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Figure 2

Figure 3

Lots of time has been spent by computer science students dealing with queens on a chess board. Two queens on a chessboard collide if they lie on the same row, column or diagonal, and there is no piece between them. Various sized square boards and numbers of queens are considered. For example, Figure 1, with a 7 x 7 board, contains 7 queens with no collisions. In Figure 2 there is a 5 x 5 board with 5 queens and 4 collisions. In Figure 3, a traditional 8 x 8 board, there are 7 queens and 5 collisions.
On an n x n board, queen positions are given in Cartesian coordinates (x, y) where x is a column number, 1 to n, and y is a row number, 1 to n. Queens at distinct positions (x1, y1) and (x2, y2) lie on the same diagonal if (x1 x2) and (y1 y2) have the same magnitude. They lie on the same row or column if x1= x2 or y1= y2, respectively. In each of these cases the queens have a collision if there is no other queen directly between them on the same diagonal, row, or column, respectively. For example, in Figure 2, the collisions are between the queens at (5, 1) and (4, 2), (4, 2) and (3, 3), (3, 3) and (2, 4), and finally (2, 4) and (1, 5). In Figure 3, the collisions are between the queens at (1, 8) and (4, 8), (4, 8) and (4, 7), (4, 7) and (6, 5), (7, 6) and (6, 5), and finally (6, 5) and (2, 1). Your task is to count queen collisions.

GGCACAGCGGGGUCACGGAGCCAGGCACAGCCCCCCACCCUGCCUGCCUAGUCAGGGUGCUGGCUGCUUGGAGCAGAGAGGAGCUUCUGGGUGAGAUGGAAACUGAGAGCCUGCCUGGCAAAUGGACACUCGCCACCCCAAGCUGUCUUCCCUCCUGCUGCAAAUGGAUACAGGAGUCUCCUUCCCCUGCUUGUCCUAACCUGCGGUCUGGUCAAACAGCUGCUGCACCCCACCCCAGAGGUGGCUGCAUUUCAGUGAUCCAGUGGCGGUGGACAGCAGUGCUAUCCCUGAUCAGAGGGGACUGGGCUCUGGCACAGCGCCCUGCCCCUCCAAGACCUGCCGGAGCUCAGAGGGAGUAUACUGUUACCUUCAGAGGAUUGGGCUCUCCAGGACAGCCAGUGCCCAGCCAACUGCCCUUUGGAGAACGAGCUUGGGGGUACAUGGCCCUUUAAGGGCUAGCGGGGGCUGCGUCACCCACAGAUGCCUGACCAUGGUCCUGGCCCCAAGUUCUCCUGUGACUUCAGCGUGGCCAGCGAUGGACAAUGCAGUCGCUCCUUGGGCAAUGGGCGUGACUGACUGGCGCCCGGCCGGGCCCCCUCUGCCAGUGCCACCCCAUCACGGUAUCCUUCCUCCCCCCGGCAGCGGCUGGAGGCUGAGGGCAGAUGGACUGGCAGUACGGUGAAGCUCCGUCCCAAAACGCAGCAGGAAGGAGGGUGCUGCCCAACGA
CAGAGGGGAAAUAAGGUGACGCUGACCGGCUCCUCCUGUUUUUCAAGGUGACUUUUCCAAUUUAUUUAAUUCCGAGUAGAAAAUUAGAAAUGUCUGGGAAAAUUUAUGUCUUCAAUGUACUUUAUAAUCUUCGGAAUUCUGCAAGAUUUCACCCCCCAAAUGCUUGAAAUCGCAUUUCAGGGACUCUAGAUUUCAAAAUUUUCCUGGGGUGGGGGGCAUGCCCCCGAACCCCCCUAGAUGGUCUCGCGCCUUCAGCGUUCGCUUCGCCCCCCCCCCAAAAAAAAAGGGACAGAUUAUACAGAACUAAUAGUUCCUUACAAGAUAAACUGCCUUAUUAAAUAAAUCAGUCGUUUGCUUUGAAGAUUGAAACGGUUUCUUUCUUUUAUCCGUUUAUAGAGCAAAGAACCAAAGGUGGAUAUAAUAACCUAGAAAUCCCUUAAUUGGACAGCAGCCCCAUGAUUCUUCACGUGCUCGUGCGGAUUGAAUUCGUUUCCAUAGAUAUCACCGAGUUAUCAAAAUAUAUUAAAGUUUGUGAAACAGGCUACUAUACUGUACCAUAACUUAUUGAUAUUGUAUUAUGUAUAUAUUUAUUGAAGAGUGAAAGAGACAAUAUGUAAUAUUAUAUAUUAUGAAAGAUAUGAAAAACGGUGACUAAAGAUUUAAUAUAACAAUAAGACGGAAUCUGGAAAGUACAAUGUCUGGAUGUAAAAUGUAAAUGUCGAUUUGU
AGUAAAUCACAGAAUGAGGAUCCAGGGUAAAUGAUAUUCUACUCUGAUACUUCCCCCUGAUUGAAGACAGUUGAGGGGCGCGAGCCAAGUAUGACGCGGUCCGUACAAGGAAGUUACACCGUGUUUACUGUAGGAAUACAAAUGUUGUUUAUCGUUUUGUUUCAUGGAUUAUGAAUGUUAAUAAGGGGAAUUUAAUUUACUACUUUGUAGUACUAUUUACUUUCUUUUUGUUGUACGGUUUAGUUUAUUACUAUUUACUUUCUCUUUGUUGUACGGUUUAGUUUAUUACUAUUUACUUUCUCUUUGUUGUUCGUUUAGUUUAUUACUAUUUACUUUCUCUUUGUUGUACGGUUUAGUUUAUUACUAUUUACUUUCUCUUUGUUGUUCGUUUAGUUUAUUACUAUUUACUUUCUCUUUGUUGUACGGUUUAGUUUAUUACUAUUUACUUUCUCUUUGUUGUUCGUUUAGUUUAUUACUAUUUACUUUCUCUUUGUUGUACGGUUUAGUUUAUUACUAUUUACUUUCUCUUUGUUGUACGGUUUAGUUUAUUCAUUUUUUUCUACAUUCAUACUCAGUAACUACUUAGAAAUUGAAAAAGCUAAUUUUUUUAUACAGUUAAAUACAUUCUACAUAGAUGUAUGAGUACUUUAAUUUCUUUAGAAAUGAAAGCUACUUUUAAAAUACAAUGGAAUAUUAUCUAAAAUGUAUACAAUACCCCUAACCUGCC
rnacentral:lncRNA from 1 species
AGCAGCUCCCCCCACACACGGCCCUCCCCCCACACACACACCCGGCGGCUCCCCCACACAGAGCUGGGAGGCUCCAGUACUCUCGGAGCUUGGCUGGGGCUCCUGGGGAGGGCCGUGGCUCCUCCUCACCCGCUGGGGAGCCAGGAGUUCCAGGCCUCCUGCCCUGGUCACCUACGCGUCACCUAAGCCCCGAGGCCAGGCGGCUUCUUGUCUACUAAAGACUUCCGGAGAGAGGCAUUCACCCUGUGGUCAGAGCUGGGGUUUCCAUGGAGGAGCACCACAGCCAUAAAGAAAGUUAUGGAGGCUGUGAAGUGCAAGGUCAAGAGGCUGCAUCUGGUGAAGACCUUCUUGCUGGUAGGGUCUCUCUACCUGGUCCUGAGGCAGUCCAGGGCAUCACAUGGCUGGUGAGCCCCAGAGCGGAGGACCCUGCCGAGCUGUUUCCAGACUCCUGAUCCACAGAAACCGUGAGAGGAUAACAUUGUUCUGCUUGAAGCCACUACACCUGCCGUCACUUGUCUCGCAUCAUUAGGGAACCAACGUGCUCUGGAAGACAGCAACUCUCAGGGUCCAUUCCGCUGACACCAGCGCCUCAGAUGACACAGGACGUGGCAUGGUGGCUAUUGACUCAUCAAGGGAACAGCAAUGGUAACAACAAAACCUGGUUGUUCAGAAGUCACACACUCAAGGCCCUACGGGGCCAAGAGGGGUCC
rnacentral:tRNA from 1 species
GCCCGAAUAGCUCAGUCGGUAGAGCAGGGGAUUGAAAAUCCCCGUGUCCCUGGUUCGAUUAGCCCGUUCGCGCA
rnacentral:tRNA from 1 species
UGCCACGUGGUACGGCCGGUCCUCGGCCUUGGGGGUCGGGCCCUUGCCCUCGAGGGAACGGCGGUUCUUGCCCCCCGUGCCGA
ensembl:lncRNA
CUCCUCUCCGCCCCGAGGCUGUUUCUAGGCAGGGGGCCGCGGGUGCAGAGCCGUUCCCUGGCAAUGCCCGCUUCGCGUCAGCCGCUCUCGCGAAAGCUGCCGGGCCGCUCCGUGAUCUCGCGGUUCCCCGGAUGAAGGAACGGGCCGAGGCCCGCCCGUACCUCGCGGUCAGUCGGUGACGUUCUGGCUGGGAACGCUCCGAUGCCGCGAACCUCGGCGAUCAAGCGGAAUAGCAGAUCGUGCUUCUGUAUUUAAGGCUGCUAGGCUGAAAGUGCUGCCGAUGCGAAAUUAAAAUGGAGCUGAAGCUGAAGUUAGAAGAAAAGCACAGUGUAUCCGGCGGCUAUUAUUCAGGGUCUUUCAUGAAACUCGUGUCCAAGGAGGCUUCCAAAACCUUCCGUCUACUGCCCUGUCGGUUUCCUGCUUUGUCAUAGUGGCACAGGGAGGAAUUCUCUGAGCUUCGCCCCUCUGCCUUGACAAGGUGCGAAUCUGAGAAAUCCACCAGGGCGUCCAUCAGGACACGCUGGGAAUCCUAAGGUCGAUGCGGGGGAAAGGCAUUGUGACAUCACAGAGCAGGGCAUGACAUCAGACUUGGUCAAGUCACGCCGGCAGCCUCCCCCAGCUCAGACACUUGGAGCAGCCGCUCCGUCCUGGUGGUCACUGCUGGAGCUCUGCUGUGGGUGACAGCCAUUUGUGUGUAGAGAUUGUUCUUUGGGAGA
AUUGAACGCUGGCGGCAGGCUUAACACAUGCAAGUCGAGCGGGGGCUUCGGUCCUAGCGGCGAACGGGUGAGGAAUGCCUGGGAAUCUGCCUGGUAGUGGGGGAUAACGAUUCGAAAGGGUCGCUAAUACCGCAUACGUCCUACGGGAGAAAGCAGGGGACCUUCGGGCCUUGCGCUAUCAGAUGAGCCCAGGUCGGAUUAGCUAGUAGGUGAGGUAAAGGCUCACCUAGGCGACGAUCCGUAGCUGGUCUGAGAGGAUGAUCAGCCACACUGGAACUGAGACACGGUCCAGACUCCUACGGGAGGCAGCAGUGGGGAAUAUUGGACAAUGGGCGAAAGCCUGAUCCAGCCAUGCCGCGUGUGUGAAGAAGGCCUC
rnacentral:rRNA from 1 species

In many situations there are a number of queens in a regular pattern. For instance in Figure 1 there are 4 queens in a line at (1,1), (2, 3), (3, 5), and (4, 7). Each of these queens after the first at (1, 1) is one to the right and 2 up from the previous one. Three queens starting at (5, 2) follow a similar pattern. Noting these patterns can allow the positions of a large number of queens to be stated succinctly.